Yes, Atoma does share a good number of characteristics with their recent effort Construct, but one massively notable difference that separates the two is the lack of an all-encompassing darkness in the atmosphere. It does exist from time to time, but a good majority of this album actually has a lighter tone that can even offer up moments of shoegaze quality wonder or amazement without ever treading into that field. The title track “Atoma” is a superb example of this. There’s a subtle romanticism in the guitars and keyboards that offers up a warm gothic embrace akin to bands like H.I.M. or The 69 Eyes while incorporating a hopefulness Alcest would appreciate. This one also reintroduces clean singing, a success from the last album that Dark Tranquillity seems to be doubling down on here.
While far from a bad decision, it does prove to be a problem with the melancholic “Forward Momentum”, which just comes off like something built on the success of “Uniformity” that misses the point of why that track worked in the first place. There’s no environment, there’s no real emotion behind it, and the attempt to be dark and brooding simply doesn’t work with the mastering utilized, leaving this to just sit there as an unintentional filler track. There’s also “The Pitiless” which gets it right without the clean singing, but features a chorus that is a little more along the aforementioned familiar lines with the main difference being the harsh vocals are used throughout instead of clean singing. But then you have “Our Proof of Life” and the additional singing in the main verses against music that captures a depressing atmosphere on par with Fiction when at its heaviest.
Of course the band hasn’t forgotten how to be hostile either. “Neutrality” easily sums up the group’s early Gothenburg sound, launching some tight Damage Done grade riffs and speed behind a vocal approach that feels far more visceral than it normally is. This is one of the few modern tracks that legitimately doesn’t need the additional keyboards to build the atmosphere, which is a refreshing change of pace since Character skyrocketed up the charts and made Dark Tranquillity a house hold name for metal heads. Even “Encircled” does a good job of adding in some aggression, standing as one of the very few truly dark compositions of the album with a great deal of tension felt from start to finish comparable at times to that on “Her Ghost in the Fog” by Cradle of Filth.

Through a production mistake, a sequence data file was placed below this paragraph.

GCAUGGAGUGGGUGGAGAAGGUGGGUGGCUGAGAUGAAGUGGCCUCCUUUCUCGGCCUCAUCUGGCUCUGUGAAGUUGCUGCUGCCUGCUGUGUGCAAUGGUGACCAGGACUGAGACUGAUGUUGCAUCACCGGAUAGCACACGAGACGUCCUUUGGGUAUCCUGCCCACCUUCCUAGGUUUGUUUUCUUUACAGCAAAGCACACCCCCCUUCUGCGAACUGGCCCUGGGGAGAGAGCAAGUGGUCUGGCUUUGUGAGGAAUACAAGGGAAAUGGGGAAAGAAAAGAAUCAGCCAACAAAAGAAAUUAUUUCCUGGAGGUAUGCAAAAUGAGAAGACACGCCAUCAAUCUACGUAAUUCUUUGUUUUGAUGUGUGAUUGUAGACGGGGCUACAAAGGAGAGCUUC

While Atoma is loaded with familiar territory, it’s mostly well-defined familiar territory. It’s also nice to see a change in attitude from the group thanks to the audio itself having more of an upbeat approach that exudes hope and wonder while exploring their past and the present to mold quite the varied effort fans of all evolutionary phases of the band will greatly enjoy. Not every song is a smash hit, but there’s enough that manages to get the new formula down to keep you coming back for more. This isn’t one of those albums you can just have as background music, however, especially if you’re a long-standing fan. In fact that was how I experienced it the first few time and I was incredibly let down, feeling as though it were nothing more than a rehash of Construct. But if you hunker down and pay attention to what the band is doing, it all clicks and you’ll have a greater appreciation for it. So take fifty minutes, sit back, and just soak in the Atoma at least once. You won’t regret.